Posted BY: Jasmine | NwoReport

Colon cancer deaths among young people are expected to double by 2030, experts warn. 

Cancer, which is especially hard to treat due to late diagnosis and broad symptoms, is also expected to become the number one cause of cancer deaths in people under 50 by the end of the decade. 

Doctors are still trying to determine what’s behind the unprecedented rise, but theories include modern diets, antibiotic use, and fungus. 

Dr. Christopher Lieu, co-director of gastrointestinal medical oncology at the University of Colorado Medicine, said: ‘Colorectal cancer will be the number one cause of cancer-related deaths in [patients] 20 to 49.’

Speaking at a cancer conference in Chicago on Saturday, he added: ‘This is a humongous issue.’

Trending: There Are No God-Given Rights without God

Cancers of the colon and rectum are currently the third most common type in the US and the third leading cause of death of both men and women.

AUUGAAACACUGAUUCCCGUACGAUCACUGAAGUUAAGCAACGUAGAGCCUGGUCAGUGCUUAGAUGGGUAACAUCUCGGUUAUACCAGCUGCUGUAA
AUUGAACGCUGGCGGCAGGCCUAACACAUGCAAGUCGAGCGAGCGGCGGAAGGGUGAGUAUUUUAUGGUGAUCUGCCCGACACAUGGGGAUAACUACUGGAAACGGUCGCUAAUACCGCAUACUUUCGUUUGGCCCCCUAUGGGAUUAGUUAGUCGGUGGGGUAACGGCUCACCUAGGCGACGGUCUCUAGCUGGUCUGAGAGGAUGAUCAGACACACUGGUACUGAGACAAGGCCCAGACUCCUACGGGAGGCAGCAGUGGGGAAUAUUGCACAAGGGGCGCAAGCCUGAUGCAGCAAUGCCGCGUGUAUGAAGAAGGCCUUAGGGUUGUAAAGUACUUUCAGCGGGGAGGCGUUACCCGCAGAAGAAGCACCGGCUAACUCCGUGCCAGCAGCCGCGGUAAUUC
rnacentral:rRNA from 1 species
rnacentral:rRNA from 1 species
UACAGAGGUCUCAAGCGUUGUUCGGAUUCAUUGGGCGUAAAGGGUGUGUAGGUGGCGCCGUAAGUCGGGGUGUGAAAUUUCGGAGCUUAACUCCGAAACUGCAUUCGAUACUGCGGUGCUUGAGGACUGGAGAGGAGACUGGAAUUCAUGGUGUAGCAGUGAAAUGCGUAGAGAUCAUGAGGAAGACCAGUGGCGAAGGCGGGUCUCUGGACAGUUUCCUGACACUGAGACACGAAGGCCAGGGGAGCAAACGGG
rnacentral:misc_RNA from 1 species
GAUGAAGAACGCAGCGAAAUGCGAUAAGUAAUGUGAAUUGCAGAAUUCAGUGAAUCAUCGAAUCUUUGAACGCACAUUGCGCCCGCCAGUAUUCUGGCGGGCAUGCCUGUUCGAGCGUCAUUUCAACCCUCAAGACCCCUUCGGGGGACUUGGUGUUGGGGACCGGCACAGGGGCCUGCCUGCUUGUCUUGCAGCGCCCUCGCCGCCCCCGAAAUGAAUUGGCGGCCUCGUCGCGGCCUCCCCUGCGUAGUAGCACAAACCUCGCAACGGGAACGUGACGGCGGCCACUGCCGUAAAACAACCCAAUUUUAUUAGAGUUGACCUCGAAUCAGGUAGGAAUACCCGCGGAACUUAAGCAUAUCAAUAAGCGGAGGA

Dr. Lieu said that in young people, both diagnoses and death rates are climbing, even though rates in older populations are declining. 

The American Cancer Society estimates about 153,000 colorectal cancer cases will be detected this year, including 19,500 among those under 50 years old.

Some 52,550 people are expected to die from the disease.

In a March report from the ACS, scientists warned that the rate of colon cancer in people aged 50 to 54 nationwide was now nearly 60 per 100,000.

For comparison, between 1975 to 1979, the rate was around 40 per 100,000 – indicating a 50 percent increase in around 45 years.

About 43 percent of diagnoses were in people aged 45 to 49.

The US is not the only country seeing these alarming rates. A 2023 review found that while the US had an early-onset colorectal cancer rate of 12.4 per 100,000 people, Australia had 13.5, Norway had 10.5, Korea had 10.1, and the United Kingdom had 9.3.

‘We don’t know why this trend is being seen in numerous countries that have different diets and exposures and environmental factors,’ Dr. Lieu said.

Full Story